Senior Labor stalwarts are convinced they smell a rat burrowed among multi-billion dollar infrastructure and housing kitties being bankrolled by Australian taxpayers.
Veteran Labor senator Doug Cameron, interrogating Treasury officials during a Senate hearing, accused the coalition of squirrelling away $1 billion earmarked for housing supply relief into a slush fund.
Senator Cameron has heard allocations for loans, investments and grants from the National Housing Infrastructure Facility weren't set in stone and appeared to differ to how they were laid out in the budget papers.
"It became clear the government's proposal ... was nothing but a $1 billion slush fund for the coalition," he told reporters in Canberra on Tuesday.
Almost in unison, on the opposite side of Parliament House, former treasurer Wayne Swan reached the same conclusion about a $5 billion public loan scheme for northern Australian infrastructure projects.
Mr Swan is certain the Northern Australia Infrastructure Facility is purely and simply a National Party slush fund, devoid of the normal checks and balances usually tied to government financial corporations.
Northern Australia Minister Matt Canavan had unprecedented powers of the supervision and allocation of the money, and over the facility's board, Mr Swan said.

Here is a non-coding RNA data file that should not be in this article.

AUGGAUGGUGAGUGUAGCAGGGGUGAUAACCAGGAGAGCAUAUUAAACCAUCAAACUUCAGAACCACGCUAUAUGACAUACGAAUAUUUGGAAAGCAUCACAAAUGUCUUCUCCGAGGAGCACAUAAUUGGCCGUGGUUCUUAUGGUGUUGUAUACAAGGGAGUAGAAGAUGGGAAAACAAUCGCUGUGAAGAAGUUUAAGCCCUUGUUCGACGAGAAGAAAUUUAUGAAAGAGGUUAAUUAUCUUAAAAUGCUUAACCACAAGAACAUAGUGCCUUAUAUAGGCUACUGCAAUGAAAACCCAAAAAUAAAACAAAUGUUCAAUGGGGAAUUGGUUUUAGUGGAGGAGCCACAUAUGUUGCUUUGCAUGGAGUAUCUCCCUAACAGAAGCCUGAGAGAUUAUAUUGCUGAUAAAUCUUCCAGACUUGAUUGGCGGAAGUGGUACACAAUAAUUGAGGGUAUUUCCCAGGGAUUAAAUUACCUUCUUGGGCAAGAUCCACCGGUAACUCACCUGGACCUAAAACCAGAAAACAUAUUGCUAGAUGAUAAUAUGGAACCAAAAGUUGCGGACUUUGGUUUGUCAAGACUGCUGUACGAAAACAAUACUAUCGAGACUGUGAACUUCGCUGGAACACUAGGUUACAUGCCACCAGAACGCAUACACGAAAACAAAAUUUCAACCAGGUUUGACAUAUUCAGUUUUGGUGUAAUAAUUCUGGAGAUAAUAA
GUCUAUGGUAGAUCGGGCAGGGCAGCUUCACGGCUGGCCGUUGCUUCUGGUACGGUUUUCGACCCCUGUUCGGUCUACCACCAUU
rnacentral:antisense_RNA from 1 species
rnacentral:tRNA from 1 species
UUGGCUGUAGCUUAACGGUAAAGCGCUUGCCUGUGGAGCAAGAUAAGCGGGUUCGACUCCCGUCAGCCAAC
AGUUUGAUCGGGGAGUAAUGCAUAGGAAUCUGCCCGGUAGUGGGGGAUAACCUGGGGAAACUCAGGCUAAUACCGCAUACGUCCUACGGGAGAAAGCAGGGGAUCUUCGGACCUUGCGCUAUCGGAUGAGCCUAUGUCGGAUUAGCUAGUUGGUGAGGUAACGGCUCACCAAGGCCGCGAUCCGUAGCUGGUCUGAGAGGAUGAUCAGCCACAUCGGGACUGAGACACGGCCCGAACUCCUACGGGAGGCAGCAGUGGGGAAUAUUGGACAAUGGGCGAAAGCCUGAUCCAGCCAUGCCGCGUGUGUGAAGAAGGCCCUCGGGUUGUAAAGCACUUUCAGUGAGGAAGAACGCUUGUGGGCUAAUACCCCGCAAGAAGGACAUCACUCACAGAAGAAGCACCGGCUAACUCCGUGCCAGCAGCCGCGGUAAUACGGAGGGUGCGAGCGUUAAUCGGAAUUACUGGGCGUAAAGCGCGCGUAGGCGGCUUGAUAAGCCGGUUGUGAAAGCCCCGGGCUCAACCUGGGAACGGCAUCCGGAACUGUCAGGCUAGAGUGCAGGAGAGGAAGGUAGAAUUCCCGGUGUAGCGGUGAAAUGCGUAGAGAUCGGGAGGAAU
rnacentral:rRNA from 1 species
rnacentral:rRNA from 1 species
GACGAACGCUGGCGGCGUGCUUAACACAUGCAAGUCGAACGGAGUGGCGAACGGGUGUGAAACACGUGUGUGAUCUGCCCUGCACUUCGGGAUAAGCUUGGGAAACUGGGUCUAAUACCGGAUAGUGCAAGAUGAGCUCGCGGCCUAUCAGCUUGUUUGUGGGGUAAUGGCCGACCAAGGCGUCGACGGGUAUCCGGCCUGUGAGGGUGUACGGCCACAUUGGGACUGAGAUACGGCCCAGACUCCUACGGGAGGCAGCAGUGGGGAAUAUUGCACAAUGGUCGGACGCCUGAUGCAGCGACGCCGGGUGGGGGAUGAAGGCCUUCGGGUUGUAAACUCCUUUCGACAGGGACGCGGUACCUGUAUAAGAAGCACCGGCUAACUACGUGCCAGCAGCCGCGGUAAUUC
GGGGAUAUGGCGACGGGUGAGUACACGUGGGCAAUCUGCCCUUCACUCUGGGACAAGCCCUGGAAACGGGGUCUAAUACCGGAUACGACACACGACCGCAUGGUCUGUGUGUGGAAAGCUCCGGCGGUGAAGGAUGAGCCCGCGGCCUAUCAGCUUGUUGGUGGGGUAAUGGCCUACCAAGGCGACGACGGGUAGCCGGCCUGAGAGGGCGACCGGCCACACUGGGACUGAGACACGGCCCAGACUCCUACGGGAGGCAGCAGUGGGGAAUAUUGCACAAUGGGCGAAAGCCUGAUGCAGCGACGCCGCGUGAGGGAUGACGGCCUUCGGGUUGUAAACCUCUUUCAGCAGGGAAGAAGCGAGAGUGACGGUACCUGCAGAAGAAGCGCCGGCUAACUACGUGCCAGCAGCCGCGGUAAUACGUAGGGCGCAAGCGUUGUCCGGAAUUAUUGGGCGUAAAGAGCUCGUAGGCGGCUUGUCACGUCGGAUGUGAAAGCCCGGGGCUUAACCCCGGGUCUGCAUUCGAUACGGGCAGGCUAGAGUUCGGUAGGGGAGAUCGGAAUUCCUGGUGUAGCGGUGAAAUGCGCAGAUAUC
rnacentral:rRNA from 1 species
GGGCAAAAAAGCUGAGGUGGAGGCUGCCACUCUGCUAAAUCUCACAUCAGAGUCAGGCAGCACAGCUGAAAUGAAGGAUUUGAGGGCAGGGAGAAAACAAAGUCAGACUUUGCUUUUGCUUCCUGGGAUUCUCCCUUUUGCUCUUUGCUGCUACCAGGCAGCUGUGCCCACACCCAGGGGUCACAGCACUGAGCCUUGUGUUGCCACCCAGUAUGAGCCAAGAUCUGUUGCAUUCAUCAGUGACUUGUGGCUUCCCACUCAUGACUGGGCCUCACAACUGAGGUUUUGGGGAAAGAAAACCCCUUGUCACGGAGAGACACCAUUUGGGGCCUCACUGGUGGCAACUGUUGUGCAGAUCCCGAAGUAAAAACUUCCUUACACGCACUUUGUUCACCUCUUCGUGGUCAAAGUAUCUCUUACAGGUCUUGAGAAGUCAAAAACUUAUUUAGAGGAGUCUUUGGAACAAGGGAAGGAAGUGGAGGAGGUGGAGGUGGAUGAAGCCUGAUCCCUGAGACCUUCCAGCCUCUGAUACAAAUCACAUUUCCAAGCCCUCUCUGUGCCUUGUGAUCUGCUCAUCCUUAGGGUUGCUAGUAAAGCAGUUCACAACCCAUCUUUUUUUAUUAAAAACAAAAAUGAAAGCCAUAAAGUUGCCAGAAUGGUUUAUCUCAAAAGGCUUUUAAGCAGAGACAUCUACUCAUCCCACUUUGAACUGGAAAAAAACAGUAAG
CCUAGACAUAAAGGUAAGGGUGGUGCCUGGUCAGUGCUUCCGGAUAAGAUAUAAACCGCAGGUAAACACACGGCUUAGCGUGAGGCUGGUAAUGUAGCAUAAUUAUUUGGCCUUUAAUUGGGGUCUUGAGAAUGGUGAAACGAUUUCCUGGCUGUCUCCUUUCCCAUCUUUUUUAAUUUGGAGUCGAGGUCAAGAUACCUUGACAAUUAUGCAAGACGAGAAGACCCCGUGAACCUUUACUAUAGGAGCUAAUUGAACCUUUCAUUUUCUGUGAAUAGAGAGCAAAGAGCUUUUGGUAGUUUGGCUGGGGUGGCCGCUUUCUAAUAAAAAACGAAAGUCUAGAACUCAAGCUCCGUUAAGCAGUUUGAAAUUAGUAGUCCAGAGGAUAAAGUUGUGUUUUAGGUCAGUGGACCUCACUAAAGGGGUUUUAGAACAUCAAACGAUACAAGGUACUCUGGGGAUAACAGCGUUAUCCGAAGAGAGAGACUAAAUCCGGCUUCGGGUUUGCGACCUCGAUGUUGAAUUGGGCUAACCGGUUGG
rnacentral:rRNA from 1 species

"Basically, there are no checks and balances at all over this fund, which means Minister Canavan can do whatever he wants with the money," he said.
He compared the minister's relationship with Indian mining giant Adani, looking to build a coal mine in remote central Queensland, with ties between Kerry Packer and disgraced tycoon Alan Bond, from whom he made a fortune.
"I think it was Kerry Packer who once said that there's only ever one Alan Bond. Well, I think Mr Adani knows there's only ever one Matt Canavan," Mr Swan said.
The former treasurer argued the Carmichael mine should stand or fall on its merits, rather than benefiting from inadequately supervised funds free of any independent controls.
"And most particular, no supervision of the finance department, which is the final check for the people of Australia to ensure our taxpayer funds are spent correctly," he said.